daughter of Dr. Martin Luther King Jr. and chief executive officer of The King Center.
Fifty years ago, Dr. Martin Luther King Jr. was confronted by Alabama state troopers as he led a march across Edmund Pettus Bridge in Selma, Alabama. This weekend, his daughter Bernice King was escorted across the bridge by an African-American state trooper. "The contrast between then and now is phenomenal, but the reality is we are at a crossroads," King says. She argues voting rights that were won in 1965 have since been gutted, and calls for a resurgence of activism to restore them. "Struggle is a never-ending process. Freedom is never really won," King adds, quoting her mother, Coretta Scott King. "You have to earn it and win it in every generation." King also describes her own work conducting nonviolence trainings in Ferguson, Missouri, when protests erupted after the police shooting of unarmed teenager Michael Brown.
BERNICE KING: My name is Bernice A. King. I’m the youngest child of Martin Luther King and Coretta Scott King. But, you know, we all know this is a very important day in the history of our nation. It’s the centerpiece of our democracy that these people sacrificed their life for, shed blood for. And in one sense, it’s a joyous day, because we’ve made so many tremendous strides. I was sharing, you know, this all got started when the state trooper shot Jimmie Lee Jackson. Well, it started really before that, but that’s what really sparked the whole Selma-to-Montgomery process. And today I had an opportunity—and being escorted by a state trooper, and was brought down here by an African-American state trooper. And so, the contrast between then and now is phenomenal. But the reality is we’re at a crossroads, because the Voting Rights Act has been gutted. And there’s so many people now that have been disenfranchised. And so, in the words of my mother, struggle is a never-ending process. Freedom is never really won; you have to earn it and win it in every generation. And there must be a resurgence of the fight for that struggle, to guarantee that those people, going forward, will have the same opportunity to have their voices heard and their vote registered.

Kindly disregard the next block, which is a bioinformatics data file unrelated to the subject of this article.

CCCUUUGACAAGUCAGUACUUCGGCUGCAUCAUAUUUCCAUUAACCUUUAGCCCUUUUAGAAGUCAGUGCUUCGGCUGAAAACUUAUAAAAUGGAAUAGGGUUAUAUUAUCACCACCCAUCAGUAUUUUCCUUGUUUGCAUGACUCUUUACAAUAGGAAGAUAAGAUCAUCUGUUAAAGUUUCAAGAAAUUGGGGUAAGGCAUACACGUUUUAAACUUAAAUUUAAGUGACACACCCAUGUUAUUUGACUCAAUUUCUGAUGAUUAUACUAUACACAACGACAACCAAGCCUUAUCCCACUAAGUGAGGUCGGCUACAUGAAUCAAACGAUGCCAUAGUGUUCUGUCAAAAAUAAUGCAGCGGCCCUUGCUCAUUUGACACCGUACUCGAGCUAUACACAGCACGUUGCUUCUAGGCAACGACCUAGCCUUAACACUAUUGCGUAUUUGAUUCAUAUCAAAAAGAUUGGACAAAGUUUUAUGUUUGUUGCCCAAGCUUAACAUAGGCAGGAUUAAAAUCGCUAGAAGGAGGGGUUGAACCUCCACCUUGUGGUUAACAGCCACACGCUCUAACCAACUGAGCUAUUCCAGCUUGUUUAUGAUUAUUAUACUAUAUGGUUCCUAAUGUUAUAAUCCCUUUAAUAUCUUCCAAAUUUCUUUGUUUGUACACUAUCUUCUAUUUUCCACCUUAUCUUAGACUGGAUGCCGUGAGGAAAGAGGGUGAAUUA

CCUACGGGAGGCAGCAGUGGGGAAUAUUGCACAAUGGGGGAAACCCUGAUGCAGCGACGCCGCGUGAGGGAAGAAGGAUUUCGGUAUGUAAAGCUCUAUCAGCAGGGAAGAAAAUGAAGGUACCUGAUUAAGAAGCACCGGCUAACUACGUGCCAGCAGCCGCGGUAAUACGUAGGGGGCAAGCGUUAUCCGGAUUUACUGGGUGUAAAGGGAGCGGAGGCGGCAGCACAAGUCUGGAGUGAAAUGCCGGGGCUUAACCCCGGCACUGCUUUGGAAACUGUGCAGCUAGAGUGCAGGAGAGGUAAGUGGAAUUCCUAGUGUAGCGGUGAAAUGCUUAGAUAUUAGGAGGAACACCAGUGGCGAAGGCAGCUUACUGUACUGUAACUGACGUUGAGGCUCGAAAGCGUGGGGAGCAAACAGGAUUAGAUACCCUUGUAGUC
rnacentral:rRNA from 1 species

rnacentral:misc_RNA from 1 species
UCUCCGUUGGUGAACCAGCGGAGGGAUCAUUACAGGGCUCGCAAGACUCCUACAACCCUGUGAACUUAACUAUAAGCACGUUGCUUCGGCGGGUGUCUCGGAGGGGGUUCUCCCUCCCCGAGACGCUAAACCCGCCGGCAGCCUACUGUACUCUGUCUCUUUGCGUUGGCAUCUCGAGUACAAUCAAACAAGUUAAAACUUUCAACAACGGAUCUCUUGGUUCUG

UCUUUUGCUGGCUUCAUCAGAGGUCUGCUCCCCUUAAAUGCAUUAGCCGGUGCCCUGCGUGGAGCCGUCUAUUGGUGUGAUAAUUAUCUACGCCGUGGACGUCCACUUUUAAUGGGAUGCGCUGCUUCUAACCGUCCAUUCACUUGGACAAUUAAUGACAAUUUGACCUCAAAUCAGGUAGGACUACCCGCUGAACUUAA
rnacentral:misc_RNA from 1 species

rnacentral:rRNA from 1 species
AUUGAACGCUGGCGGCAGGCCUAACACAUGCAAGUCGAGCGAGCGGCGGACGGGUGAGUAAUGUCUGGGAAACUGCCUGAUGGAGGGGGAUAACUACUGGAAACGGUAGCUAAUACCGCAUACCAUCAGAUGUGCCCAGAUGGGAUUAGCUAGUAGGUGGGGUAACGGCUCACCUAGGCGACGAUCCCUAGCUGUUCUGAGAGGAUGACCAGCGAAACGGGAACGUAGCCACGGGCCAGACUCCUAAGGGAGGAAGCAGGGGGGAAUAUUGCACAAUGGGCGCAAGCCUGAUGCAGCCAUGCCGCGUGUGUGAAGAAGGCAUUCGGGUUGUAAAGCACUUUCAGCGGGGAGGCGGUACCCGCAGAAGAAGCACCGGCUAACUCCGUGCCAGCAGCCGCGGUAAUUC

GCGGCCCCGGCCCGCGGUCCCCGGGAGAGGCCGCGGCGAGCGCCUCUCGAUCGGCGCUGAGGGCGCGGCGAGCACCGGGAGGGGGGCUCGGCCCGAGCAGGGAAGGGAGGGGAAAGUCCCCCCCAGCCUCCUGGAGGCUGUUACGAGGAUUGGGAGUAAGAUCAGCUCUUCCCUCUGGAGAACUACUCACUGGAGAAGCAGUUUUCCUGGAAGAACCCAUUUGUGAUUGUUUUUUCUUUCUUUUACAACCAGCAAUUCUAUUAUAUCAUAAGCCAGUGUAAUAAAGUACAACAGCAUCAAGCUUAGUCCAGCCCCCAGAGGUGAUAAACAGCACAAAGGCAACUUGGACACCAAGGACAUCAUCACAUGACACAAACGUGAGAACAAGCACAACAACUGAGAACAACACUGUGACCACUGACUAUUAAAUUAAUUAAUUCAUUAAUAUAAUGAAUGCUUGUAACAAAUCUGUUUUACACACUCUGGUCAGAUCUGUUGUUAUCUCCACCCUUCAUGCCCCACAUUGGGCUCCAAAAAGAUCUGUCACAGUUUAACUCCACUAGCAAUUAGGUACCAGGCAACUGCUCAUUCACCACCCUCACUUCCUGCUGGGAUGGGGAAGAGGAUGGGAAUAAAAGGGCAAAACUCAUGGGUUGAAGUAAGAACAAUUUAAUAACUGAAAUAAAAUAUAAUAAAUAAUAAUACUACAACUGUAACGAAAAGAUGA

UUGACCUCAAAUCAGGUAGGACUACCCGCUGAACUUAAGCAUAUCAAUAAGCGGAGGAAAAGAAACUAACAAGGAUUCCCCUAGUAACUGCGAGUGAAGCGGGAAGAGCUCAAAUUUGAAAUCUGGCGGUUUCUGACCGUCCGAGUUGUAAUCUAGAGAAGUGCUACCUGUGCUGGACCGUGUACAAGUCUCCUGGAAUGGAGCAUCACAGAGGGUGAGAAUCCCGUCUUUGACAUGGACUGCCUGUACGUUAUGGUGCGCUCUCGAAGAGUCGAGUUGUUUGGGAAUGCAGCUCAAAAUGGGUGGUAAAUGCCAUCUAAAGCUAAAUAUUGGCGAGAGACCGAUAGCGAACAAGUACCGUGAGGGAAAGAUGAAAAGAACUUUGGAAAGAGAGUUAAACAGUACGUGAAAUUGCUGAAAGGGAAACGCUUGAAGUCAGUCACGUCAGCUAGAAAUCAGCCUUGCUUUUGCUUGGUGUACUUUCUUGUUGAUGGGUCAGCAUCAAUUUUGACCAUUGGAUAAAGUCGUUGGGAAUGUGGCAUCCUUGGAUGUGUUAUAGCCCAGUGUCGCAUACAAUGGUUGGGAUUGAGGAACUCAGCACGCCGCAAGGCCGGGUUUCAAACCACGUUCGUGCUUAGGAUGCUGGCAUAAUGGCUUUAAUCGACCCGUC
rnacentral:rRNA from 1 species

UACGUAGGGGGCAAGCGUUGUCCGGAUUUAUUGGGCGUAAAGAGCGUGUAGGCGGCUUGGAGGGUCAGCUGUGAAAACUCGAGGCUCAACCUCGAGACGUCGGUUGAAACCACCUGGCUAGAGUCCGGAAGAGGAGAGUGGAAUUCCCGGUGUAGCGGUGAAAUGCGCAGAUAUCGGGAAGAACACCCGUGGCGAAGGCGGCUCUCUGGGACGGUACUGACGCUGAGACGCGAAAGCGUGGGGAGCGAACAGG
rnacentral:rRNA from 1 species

AMY GOODMAN: And as you pointed out with Jimmie Lee Jackson, that this is also an issue today, looking back 50 years, of police brutality—
BERNICE KING: Yes.
AMY GOODMAN: —what we’re seeing around the country—
BERNICE KING: Yes.
AMY GOODMAN: —young people being killed by police officers, and the DOJ report that just came out.
BERNICE KING: Yes, it is. And we’re going to have to try to find a way to train these police officers. It’s going to take some time, because at the end of the day, no law is going to change a person’s perspective, their outlook, their behavior. And that’s why, through the King Center, we’re doing training in Nonviolence 365. We had an opportunity to do some in Ferguson when all of this happened. And there were police officers in the room with citizens in that community. And it was a little tough at the beginning, but we made it through. And it was a small seed, but that’s the work that I do, because this movement was fueled by nonviolent philosophy and methodology.
AMY GOODMAN: Your thoughts on the Black Lives Matter movement?
BERNICE KING: I think it’s important because it brings attention to that there’s still a community that’s wholeheartedly suffering. But more importantly, it’s lifted up the fact that we still, in this nation, have to understand that everybody’s humanity matters, regardless of who they are. And so, thank God that they have raised that kind of consciousness. And we look forward to us continuing to move forward to try to create this beloved community. God bless you.